A recent article in US News and World Report ranking cities where there is potential for “real estate steals” prompted a discussion of the Cincinnati housing market and its prospects with Real Estate Development Consultant Andrew Howe of Cranewoods Development.
Cincinnati, OH (PRWEB) February 25, 2010 — Andrew Howe of Cranewoods Development gives local confirmation that Cincinnati is one of the “10 cities for real estate steals” as recently reported in U.S. News and World Report. Citing stable values during the recent boom and bust and a firm price to income level, Howe says, “Cincinnati real estate has always seemed to escape the dramatic boom bust cycles that devastate other parts of the country.” While the article predicts further price drops, it anticipates a bottoming in 2010 setting the stage for future appreciation.
Howe, a Cincinnati real estate development consultant and a successful developer and general contractor for markets in Ohio and Florida for over thirty years, transformed his firm into a development consultancy using his expertise in development, construction and finance to assist lenders and development groups in resolving problem projects and loans. Cranewoods primarily serves the Greater Cincinnati area and Florida’s Eastern shore.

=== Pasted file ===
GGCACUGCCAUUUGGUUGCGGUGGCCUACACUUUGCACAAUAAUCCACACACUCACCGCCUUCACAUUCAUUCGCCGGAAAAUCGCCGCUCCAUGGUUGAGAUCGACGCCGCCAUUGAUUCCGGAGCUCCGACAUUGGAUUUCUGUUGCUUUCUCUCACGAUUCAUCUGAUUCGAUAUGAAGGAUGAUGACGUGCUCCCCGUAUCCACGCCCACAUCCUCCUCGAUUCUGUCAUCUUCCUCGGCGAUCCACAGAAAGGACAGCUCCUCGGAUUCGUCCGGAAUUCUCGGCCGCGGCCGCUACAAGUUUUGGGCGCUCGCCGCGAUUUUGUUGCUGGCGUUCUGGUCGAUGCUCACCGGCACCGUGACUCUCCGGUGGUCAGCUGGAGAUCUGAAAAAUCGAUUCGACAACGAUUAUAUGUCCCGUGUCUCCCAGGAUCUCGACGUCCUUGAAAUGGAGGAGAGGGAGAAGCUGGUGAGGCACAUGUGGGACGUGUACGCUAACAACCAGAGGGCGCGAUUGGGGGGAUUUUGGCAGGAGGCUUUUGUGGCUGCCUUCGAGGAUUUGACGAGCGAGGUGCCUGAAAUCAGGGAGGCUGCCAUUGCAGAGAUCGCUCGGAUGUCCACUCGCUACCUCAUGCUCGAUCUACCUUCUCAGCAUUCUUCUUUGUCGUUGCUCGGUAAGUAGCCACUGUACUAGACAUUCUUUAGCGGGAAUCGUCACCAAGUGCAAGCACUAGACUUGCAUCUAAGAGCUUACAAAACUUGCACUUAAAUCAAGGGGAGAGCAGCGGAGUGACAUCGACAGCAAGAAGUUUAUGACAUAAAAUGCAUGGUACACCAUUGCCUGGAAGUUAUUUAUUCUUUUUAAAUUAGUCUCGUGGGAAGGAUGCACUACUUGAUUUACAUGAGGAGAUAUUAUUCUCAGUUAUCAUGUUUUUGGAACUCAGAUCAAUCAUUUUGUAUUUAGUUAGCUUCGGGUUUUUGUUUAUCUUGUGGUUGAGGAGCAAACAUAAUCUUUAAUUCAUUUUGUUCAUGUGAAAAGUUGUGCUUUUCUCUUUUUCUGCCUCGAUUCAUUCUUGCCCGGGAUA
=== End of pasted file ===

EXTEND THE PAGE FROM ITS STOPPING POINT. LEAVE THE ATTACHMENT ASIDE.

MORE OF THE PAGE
Unlike Florida, Howe stated, “Cincinnati’s real estate stability moderates development profits in great years, but also limits the pain on the downside.” While Cincinnati has dodged the brunt of the crash, both lenders and developers have still been faced with stalled projects and loan defaults. The stabilization of the housing market has followed the same pattern as many other parts of the country, with the under 300k housing prices leading the market in sales. Although sales prices are at discounts to where they were in 2007-2008, the fact that there was an increase sales transactions during the second half of 2009 and 2010 is a positive sign for absorbing inventory, the first step in a market bottom and eventual recovery.
Howe points to downtown’s loft projects as a prime example. “Cincinnati’s loft condominiums in the under $300k range that are well designed and well located are starting to sell again,” Howe said, pointing to Hamilton County tax records showing a surge in downtown loft sales beginning in the 3rd quarter of 2009. “The real estate cycle will turn around as they all do. It’s a matter of survival while the market takes the necessary steps to recover.” Read more →